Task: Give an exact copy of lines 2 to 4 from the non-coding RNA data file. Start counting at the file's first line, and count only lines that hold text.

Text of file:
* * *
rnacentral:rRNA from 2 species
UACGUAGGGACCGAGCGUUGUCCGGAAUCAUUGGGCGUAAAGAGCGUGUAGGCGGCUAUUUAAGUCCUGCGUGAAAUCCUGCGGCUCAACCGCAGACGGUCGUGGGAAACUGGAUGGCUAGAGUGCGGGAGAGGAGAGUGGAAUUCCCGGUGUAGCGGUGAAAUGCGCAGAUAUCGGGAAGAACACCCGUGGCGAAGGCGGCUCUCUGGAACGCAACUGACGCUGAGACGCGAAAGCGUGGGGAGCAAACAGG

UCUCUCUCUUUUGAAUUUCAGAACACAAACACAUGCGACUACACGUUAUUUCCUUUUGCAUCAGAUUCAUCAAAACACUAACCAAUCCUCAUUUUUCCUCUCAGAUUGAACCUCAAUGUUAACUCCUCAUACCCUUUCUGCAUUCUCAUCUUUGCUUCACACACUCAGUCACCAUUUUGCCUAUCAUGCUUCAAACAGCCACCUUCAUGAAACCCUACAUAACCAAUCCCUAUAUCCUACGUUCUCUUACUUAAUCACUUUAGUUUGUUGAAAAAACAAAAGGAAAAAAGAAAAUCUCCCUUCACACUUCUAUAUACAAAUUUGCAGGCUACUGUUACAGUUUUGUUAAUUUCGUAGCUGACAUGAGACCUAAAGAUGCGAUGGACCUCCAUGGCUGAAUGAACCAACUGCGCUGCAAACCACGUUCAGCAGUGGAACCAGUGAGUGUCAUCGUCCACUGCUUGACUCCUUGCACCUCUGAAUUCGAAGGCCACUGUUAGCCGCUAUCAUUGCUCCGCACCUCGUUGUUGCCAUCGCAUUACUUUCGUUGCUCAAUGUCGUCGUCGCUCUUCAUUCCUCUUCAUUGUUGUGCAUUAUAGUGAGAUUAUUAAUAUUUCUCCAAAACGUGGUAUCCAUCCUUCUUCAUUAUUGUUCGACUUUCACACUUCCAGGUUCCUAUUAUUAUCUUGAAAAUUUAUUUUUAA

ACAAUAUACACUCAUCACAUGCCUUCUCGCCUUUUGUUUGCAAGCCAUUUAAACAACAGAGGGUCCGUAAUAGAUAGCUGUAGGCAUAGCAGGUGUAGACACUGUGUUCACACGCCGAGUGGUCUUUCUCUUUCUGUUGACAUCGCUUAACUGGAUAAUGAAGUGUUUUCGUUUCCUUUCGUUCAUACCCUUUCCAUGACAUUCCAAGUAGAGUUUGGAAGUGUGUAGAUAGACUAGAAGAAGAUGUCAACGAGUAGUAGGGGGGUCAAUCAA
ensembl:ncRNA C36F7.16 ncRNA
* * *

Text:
UACGUAGGGACCGAGCGUUGUCCGGAAUCAUUGGGCGUAAAGAGCGUGUAGGCGGCUAUUUAAGUCCUGCGUGAAAUCCUGCGGCUCAACCGCAGACGGUCGUGGGAAACUGGAUGGCUAGAGUGCGGGAGAGGAGAGUGGAAUUCCCGGUGUAGCGGUGAAAUGCGCAGAUAUCGGGAAGAACACCCGUGGCGAAGGCGGCUCUCUGGAACGCAACUGACGCUGAGACGCGAAAGCGUGGGGAGCAAACAGG

UCUCUCUCUUUUGAAUUUCAGAACACAAACACAUGCGACUACACGUUAUUUCCUUUUGCAUCAGAUUCAUCAAAACACUAACCAAUCCUCAUUUUUCCUCUCAGAUUGAACCUCAAUGUUAACUCCUCAUACCCUUUCUGCAUUCUCAUCUUUGCUUCACACACUCAGUCACCAUUUUGCCUAUCAUGCUUCAAACAGCCACCUUCAUGAAACCCUACAUAACCAAUCCCUAUAUCCUACGUUCUCUUACUUAAUCACUUUAGUUUGUUGAAAAAACAAAAGGAAAAAAGAAAAUCUCCCUUCACACUUCUAUAUACAAAUUUGCAGGCUACUGUUACAGUUUUGUUAAUUUCGUAGCUGACAUGAGACCUAAAGAUGCGAUGGACCUCCAUGGCUGAAUGAACCAACUGCGCUGCAAACCACGUUCAGCAGUGGAACCAGUGAGUGUCAUCGUCCACUGCUUGACUCCUUGCACCUCUGAAUUCGAAGGCCACUGUUAGCCGCUAUCAUUGCUCCGCACCUCGUUGUUGCCAUCGCAUUACUUUCGUUGCUCAAUGUCGUCGUCGCUCUUCAUUCCUCUUCAUUGUUGUGCAUUAUAGUGAGAUUAUUAAUAUUUCUCCAAAACGUGGUAUCCAUCCUUCUUCAUUAUUGUUCGACUUUCACACUUCCAGGUUCCUAUUAUUAUCUUGAAAAUUUAUUUUUAA

ACAAUAUACACUCAUCACAUGCCUUCUCGCCUUUUGUUUGCAAGCCAUUUAAACAACAGAGGGUCCGUAAUAGAUAGCUGUAGGCAUAGCAGGUGUAGACACUGUGUUCACACGCCGAGUGGUCUUUCUCUUUCUGUUGACAUCGCUUAACUGGAUAAUGAAGUGUUUUCGUUUCCUUUCGUUCAUACCCUUUCCAUGACAUUCCAAGUAGAGUUUGGAAGUGUGUAGAUAGACUAGAAGAAGAUGUCAACGAGUAGUAGGGGGGUCAAUCAA